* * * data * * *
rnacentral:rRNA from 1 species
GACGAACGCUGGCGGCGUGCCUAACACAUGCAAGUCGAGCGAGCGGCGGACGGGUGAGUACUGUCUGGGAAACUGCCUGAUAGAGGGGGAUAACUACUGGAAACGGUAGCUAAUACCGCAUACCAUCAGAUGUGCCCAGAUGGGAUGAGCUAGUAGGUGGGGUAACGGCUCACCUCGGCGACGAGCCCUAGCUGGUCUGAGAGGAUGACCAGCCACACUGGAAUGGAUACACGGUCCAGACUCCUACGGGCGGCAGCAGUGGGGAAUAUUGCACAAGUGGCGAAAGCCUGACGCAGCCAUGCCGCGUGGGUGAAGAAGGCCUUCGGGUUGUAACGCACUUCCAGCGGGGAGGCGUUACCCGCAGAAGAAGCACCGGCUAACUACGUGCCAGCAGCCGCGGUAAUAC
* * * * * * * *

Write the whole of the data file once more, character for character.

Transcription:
rnacentral:rRNA from 1 species
GACGAACGCUGGCGGCGUGCCUAACACAUGCAAGUCGAGCGAGCGGCGGACGGGUGAGUACUGUCUGGGAAACUGCCUGAUAGAGGGGGAUAACUACUGGAAACGGUAGCUAAUACCGCAUACCAUCAGAUGUGCCCAGAUGGGAUGAGCUAGUAGGUGGGGUAACGGCUCACCUCGGCGACGAGCCCUAGCUGGUCUGAGAGGAUGACCAGCCACACUGGAAUGGAUACACGGUCCAGACUCCUACGGGCGGCAGCAGUGGGGAAUAUUGCACAAGUGGCGAAAGCCUGACGCAGCCAUGCCGCGUGGGUGAAGAAGGCCUUCGGGUUGUAACGCACUUCCAGCGGGGAGGCGUUACCCGCAGAAGAAGCACCGGCUAACUACGUGCCAGCAGCCGCGGUAAUAC